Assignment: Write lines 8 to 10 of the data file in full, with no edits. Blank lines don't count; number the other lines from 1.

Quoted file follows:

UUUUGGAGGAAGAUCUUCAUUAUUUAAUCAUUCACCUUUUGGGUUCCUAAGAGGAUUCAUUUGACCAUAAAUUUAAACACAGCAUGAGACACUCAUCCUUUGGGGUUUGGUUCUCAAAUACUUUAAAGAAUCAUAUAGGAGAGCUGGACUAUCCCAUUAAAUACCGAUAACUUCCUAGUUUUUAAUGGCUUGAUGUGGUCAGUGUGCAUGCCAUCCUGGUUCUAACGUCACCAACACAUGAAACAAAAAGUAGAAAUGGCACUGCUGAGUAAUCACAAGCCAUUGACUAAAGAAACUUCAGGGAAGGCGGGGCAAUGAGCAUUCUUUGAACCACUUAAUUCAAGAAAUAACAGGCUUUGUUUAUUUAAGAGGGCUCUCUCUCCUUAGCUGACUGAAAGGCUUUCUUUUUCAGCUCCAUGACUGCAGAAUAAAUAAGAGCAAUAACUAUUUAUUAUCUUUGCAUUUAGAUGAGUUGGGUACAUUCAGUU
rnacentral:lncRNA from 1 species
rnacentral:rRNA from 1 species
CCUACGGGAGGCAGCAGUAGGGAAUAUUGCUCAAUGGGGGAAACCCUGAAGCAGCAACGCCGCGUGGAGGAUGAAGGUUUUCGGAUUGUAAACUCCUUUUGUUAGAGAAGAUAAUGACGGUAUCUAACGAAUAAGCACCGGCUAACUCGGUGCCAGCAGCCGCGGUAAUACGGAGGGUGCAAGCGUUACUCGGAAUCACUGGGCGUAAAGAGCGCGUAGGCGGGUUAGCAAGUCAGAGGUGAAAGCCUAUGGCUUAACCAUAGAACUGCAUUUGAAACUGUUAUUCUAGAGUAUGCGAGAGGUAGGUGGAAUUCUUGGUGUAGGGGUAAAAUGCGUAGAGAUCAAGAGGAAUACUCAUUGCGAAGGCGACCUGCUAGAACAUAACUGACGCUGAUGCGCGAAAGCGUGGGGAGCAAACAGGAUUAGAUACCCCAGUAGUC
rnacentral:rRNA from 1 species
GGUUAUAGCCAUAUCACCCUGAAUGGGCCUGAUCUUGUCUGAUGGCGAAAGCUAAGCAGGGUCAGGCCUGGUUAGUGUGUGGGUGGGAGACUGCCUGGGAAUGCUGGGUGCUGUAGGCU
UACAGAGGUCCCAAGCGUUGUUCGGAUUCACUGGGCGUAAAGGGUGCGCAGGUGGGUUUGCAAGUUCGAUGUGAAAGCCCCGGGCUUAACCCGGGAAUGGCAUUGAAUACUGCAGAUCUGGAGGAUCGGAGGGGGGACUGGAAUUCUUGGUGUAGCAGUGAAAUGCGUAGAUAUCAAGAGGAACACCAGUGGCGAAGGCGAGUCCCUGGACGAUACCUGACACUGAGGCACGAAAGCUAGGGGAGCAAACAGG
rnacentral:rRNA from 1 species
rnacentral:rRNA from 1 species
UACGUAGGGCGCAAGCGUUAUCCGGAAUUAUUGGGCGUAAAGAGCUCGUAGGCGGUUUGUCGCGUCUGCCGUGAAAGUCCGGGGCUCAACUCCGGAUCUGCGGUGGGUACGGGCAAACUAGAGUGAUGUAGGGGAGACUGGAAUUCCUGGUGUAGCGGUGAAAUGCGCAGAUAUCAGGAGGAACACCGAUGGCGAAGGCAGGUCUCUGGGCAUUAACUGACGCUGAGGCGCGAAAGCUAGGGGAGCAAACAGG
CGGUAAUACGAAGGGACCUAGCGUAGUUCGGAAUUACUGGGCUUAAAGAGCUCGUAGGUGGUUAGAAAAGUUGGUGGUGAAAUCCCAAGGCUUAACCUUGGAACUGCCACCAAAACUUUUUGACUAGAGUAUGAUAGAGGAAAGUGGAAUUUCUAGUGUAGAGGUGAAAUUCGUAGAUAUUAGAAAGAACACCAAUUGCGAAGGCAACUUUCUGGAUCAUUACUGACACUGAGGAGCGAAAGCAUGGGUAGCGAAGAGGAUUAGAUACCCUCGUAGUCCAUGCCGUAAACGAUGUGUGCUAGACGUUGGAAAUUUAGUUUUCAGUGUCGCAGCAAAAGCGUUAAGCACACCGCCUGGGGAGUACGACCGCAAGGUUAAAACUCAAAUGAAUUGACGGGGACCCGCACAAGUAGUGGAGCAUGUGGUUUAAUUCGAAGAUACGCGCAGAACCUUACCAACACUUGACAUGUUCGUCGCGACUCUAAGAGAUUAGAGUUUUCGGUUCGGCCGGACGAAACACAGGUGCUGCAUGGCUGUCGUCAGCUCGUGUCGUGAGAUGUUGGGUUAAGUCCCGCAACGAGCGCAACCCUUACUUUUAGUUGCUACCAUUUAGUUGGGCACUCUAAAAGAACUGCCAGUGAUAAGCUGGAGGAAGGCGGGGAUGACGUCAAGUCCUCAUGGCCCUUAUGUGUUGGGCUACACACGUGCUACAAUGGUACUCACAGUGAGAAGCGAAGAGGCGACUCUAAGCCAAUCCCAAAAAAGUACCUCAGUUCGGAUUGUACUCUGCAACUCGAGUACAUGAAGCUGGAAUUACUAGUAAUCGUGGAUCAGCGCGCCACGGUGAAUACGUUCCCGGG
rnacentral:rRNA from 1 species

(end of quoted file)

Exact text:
rnacentral:rRNA from 1 species
rnacentral:rRNA from 1 species
UACGUAGGGCGCAAGCGUUAUCCGGAAUUAUUGGGCGUAAAGAGCUCGUAGGCGGUUUGUCGCGUCUGCCGUGAAAGUCCGGGGCUCAACUCCGGAUCUGCGGUGGGUACGGGCAAACUAGAGUGAUGUAGGGGAGACUGGAAUUCCUGGUGUAGCGGUGAAAUGCGCAGAUAUCAGGAGGAACACCGAUGGCGAAGGCAGGUCUCUGGGCAUUAACUGACGCUGAGGCGCGAAAGCUAGGGGAGCAAACAGG